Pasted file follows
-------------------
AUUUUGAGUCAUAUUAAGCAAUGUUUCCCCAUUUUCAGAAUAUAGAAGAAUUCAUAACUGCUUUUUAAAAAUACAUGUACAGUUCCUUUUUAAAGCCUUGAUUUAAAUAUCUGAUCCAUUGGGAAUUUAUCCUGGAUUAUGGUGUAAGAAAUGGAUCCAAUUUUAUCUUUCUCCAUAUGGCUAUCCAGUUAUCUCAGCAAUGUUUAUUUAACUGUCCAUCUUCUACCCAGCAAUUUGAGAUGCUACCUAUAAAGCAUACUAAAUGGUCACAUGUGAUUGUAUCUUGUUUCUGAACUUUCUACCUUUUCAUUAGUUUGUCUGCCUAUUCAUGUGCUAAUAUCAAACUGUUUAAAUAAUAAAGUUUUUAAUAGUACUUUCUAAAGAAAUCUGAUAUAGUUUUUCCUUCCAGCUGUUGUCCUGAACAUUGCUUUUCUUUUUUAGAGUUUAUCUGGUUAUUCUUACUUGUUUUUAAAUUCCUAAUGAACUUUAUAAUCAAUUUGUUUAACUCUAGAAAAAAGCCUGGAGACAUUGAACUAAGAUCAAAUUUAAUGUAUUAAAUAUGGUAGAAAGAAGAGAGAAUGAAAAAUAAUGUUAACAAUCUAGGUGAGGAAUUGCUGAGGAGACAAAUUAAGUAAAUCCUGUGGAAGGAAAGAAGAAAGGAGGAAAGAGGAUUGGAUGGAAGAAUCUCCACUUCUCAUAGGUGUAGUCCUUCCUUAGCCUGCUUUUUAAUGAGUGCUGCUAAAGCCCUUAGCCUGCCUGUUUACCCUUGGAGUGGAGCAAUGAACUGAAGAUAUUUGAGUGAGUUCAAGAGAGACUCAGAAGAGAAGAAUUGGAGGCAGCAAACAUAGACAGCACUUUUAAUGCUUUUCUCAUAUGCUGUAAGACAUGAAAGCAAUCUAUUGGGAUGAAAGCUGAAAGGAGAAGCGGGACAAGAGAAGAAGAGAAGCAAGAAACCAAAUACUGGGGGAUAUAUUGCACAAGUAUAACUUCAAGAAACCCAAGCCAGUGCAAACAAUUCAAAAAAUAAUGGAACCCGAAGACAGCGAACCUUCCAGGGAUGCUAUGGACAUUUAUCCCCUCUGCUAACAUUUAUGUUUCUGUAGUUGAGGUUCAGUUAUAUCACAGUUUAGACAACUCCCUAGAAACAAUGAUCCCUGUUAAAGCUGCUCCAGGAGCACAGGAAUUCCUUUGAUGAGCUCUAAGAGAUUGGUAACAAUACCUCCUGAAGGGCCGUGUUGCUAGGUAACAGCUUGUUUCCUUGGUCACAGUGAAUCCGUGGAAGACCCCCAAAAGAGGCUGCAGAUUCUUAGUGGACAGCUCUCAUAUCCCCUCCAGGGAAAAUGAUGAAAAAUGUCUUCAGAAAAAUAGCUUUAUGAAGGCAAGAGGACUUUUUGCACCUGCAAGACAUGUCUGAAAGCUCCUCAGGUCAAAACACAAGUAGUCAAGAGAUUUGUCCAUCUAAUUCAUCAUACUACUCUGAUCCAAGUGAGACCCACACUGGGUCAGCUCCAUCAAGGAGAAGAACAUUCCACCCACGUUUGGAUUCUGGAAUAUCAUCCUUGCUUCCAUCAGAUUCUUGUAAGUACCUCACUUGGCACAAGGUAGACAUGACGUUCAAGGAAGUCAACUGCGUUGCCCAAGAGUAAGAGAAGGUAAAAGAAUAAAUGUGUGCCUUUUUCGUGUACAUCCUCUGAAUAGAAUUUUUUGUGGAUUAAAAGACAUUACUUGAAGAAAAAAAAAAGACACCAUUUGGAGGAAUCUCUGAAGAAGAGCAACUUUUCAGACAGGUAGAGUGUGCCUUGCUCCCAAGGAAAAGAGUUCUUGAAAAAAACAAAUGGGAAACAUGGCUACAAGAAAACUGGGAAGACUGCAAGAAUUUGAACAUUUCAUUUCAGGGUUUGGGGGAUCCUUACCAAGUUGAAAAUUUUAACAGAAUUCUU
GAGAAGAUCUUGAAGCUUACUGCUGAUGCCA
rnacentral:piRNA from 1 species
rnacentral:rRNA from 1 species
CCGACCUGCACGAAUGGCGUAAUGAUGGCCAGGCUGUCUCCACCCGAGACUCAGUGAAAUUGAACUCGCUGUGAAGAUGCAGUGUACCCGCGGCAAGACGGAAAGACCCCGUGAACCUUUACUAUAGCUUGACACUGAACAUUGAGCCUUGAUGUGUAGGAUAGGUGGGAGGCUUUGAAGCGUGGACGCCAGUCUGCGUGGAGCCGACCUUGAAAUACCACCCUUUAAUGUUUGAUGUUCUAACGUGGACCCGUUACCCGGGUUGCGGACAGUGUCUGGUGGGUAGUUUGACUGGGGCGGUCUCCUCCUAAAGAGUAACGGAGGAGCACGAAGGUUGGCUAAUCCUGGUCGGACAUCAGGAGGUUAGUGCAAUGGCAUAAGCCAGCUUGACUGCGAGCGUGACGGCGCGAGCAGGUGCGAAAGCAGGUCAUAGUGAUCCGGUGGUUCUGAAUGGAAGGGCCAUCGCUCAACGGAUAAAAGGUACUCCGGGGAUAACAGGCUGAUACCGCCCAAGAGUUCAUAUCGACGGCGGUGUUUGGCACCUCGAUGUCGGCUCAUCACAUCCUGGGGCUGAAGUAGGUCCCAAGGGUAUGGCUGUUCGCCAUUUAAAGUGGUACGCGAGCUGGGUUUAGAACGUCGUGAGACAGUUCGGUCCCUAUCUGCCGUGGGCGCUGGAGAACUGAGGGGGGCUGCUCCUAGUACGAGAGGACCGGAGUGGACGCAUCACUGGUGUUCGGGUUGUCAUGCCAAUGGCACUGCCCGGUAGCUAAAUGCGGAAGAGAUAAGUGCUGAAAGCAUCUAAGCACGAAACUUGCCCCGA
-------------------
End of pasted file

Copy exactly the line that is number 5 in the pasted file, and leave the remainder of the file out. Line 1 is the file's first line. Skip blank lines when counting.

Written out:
CCGACCUGCACGAAUGGCGUAAUGAUGGCCAGGCUGUCUCCACCCGAGACUCAGUGAAAUUGAACUCGCUGUGAAGAUGCAGUGUACCCGCGGCAAGACGGAAAGACCCCGUGAACCUUUACUAUAGCUUGACACUGAACAUUGAGCCUUGAUGUGUAGGAUAGGUGGGAGGCUUUGAAGCGUGGACGCCAGUCUGCGUGGAGCCGACCUUGAAAUACCACCCUUUAAUGUUUGAUGUUCUAACGUGGACCCGUUACCCGGGUUGCGGACAGUGUCUGGUGGGUAGUUUGACUGGGGCGGUCUCCUCCUAAAGAGUAACGGAGGAGCACGAAGGUUGGCUAAUCCUGGUCGGACAUCAGGAGGUUAGUGCAAUGGCAUAAGCCAGCUUGACUGCGAGCGUGACGGCGCGAGCAGGUGCGAAAGCAGGUCAUAGUGAUCCGGUGGUUCUGAAUGGAAGGGCCAUCGCUCAACGGAUAAAAGGUACUCCGGGGAUAACAGGCUGAUACCGCCCAAGAGUUCAUAUCGACGGCGGUGUUUGGCACCUCGAUGUCGGCUCAUCACAUCCUGGGGCUGAAGUAGGUCCCAAGGGUAUGGCUGUUCGCCAUUUAAAGUGGUACGCGAGCUGGGUUUAGAACGUCGUGAGACAGUUCGGUCCCUAUCUGCCGUGGGCGCUGGAGAACUGAGGGGGGCUGCUCCUAGUACGAGAGGACCGGAGUGGACGCAUCACUGGUGUUCGGGUUGUCAUGCCAAUGGCACUGCCCGGUAGCUAAAUGCGGAAGAGAUAAGUGCUGAAAGCAUCUAAGCACGAAACUUGCCCCGA